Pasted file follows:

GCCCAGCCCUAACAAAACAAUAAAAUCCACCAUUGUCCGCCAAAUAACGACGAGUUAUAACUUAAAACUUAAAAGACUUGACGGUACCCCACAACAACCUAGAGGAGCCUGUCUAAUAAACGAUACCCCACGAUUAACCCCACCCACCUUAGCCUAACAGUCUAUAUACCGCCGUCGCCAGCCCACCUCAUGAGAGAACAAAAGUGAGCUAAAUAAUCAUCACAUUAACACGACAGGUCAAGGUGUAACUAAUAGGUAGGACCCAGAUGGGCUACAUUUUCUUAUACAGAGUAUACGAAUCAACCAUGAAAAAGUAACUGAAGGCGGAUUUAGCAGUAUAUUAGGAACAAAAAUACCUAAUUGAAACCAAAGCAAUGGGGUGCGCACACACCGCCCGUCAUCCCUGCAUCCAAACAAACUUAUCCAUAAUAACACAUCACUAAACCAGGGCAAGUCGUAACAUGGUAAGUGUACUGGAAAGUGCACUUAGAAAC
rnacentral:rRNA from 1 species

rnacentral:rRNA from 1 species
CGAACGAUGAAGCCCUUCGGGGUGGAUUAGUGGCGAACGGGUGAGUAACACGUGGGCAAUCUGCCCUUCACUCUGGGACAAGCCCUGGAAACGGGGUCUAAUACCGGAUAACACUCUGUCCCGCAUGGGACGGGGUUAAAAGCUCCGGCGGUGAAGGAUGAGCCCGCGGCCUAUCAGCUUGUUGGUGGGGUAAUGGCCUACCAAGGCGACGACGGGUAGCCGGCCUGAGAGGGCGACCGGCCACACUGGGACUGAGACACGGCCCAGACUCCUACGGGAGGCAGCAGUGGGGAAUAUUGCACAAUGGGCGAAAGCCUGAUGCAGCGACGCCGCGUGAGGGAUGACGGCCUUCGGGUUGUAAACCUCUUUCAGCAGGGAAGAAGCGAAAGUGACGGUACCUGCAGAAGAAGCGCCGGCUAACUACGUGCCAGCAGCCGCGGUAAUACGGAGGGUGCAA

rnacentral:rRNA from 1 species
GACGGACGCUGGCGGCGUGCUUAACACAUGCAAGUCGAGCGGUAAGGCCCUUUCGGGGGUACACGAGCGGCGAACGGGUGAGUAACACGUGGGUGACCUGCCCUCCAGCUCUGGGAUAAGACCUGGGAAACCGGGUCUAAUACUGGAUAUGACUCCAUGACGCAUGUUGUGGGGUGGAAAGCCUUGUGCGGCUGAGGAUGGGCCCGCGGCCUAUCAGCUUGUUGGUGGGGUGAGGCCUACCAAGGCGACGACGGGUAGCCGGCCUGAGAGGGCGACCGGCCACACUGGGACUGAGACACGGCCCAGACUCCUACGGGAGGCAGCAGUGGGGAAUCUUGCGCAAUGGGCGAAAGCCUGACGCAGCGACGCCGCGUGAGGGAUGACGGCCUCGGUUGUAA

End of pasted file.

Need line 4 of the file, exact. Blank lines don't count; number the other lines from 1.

CGAACGAUGAAGCCCUUCGGGGUGGAUUAGUGGCGAACGGGUGAGUAACACGUGGGCAAUCUGCCCUUCACUCUGGGACAAGCCCUGGAAACGGGGUCUAAUACCGGAUAACACUCUGUCCCGCAUGGGACGGGGUUAAAAGCUCCGGCGGUGAAGGAUGAGCCCGCGGCCUAUCAGCUUGUUGGUGGGGUAAUGGCCUACCAAGGCGACGACGGGUAGCCGGCCUGAGAGGGCGACCGGCCACACUGGGACUGAGACACGGCCCAGACUCCUACGGGAGGCAGCAGUGGGGAAUAUUGCACAAUGGGCGAAAGCCUGAUGCAGCGACGCCGCGUGAGGGAUGACGGCCUUCGGGUUGUAAACCUCUUUCAGCAGGGAAGAAGCGAAAGUGACGGUACCUGCAGAAGAAGCGCCGGCUAACUACGUGCCAGCAGCCGCGGUAAUACGGAGGGUGCAA